In 1995, with the wordwide craze for fibreoptic cable networks, she was sold to Tyco who converted her to a full scale cable ship named Coastal Connector. The work involved a complete packaged cable operation on her cargo deck, and increased her gross tonnage from 1939 (as built) to 4480. Tyco's timing was off and with the dot com bubble bursting and Tyco in trouble the ship was put up for sale.

Secunda Marine [since 2007 McDermott] purchased the ship late in 2002 while it was lying at Caracas, Venezuela, and it arrived in Halifax January 17, 2003 flying the Marshal Islands flag as Mariner Sea. They sent the ship to Verreault shipyard in Méchins for conversion back to a supplier. It was fitted with tanks for 1200 cu.m rig fuel 1200 cu.m drill water, 800 cu.m drilling mud, while retaining 860 sq.m of deck cargo space. Dynamic positioning was also fitted, using three thrusters forward and one aft. The newly refitted ship returned to Halifax May 15, 2003, with the new port of registry of Quebec City (assigned May 14.) Tonnage was now 2904 gross, 4450 deadweight.

Mariner Sea was fixed on charter to Encana, and until earlier this year had been supporting the Deep Panuke project, but was chartered out this fall and adopted the Barbados flag.

On Sunday the ship tied up at pier 9 to be fitted with cable laying gear. This will not be as comprehensive as in her previous incarnation, but will be a relatively small portable package, with a demountable stern sheave for passing the cable.

Sunday, December 12, 2010

McNally brings in reinforcements

1. S-12, FDJV3, Canadian Argosy, Whitby and Beaver Delta II at pier 9C, Sunday afternoon.

2. Carl M. on a the dredge scow, whose official name is VM/S 87.

3. Whitby swings around Mister Joe, Saturday morning.

4. Whitby secures a fender with Beaver Kay and Beaver Spartan in the background.

McNally Construction has brought in more equipment for the Halterm extension project. They now have another small tug, Carl M. and the dredge scow VM/S 87, to assist in the work. These were towed from Sorel via the Strait of Canso by the tug Mister Joe, arriving Halifax December 9. A crane will be loaded aboard VM/S 87 next week. (The barge owes its name to the Voie Maritime St-Laurent, a.k.a. the St.Lawrence Seaway, for which it was built as S.L.S. 87 in 1958 at Collingwood, ON.) Carl M. dates back to 1957 when it was built as Louis M. A single screw tug of 465 bhp, it acquired its present name in 1975. The M stood for McNamara, the original owners. It was built by Russel-Hipwell in Owen Sound.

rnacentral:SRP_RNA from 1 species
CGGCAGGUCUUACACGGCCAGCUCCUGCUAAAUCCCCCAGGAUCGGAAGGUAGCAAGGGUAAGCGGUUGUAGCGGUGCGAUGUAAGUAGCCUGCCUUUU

On Saturday, to make room for the arrival of another ship, the barges were moved at pier 9 by Whitby, which has been tending the dredge Canadian Argosy. The scows Beaver Kay and Beaver Spartan were moved north, with Mister Joe moved as a dead ship to the outside of the fleet. VM/S 87 and the dredge Harold M. were moved south. The latter will also have a crane moved aboard next week.

Whitby returned to the Halterm site after these moves and later on Saturday night moved Canadian Argosy and the dump scows S-12 and FDJV3 to pier 9C to shelter from Monday's coming storm.The tug Beaver Delta II assisted in this move, but it will be lifted out next week and replaced by Carl M.

Friday, December 10, 2010

Rig Move

All four Atlantic Towing tugs were pressed into service this morning to move the accommodation rig Chemul from the IEL dock to anchorage #1. The rig is nearing the end of a major rebuilding by Halifax Shipyard and will be conducting trials in the anchorage area.

Atlantic Fir, Larch, Oak, and Willow pulled the rig off the dock, and moved it position. As a semi-submersible rig it will also set out anchors once it is in position. The tugs will also assist in this work.

The small tug Belle D appears to be in the background of the photo, between the rig and the dock. It was probably assisting in line handling.

Tuesday, December 7, 2010

Navy tugs at work

Navy tugs are frequently tasked for cold moves within the harbour. This morning they moved HMCS Charlottetown from the Dockyard to Imperial Oil for bunkers. One Glen and two Villes were given the job. It is a very expensive operation to fire up the main engines on a warship, and so short trips in the harbour are usually done as cold moves.

The Glens are V-S propulsion and can thrust in any direction, but normally handle all lines over the stern. They are often seen lashed up stern too. In this way they can push or pull on command, without having to change position or orientation.

Saturday, December 4, 2010

Not exactly a tug, but..........

1. Firebird on her rounds this morning in the Narrows.

2. Some firefighters on deck. The boat is graced with some well made rope fenders - a rare sight these days when old tires seem to be the rule.

3. Sister fireboat Firebrand is based in the naval dockyard in Esquimalt, BC, May 12, 1986 photo.

The Canadian Forces Auxiliary Vessel Firebird is the only red painted vessel in Canada's east coast naval Dockyard. While not exactly a tug, it is built along more or less tug boat lines, but performs a very useful function.

As Dockyard fireboat it responds to fires and conducts regular fire and security patrols to various installations around the harbour. If called upon it could certainly tow a smaller vessel, in case of emergency, but its primary duty is firefighting.

It is one of two sister vessels, one on each coast, built by Vancouver Shipyard in North Vancouver, BC in 1978. Powered by 2-385 bhp Caterpillars, it also has two more 365 bhp Caterpillars for pumping. It can pump 2500 gpm @ 150 psi, without hindering its propulsion. (The force of spray in some cases would force the boat backwards, so it is important that it keep its station when fighting a fire.) It has z-drives (ASD) and three monitors rated at 1250 gpm. It also carries 500 gal of AFF (foam.)

Firebird arrived in Halifax in August 1978 on the barge G of G 240, towed by the tug Ocean Crown, which had been sold to Quebec owners - see following post.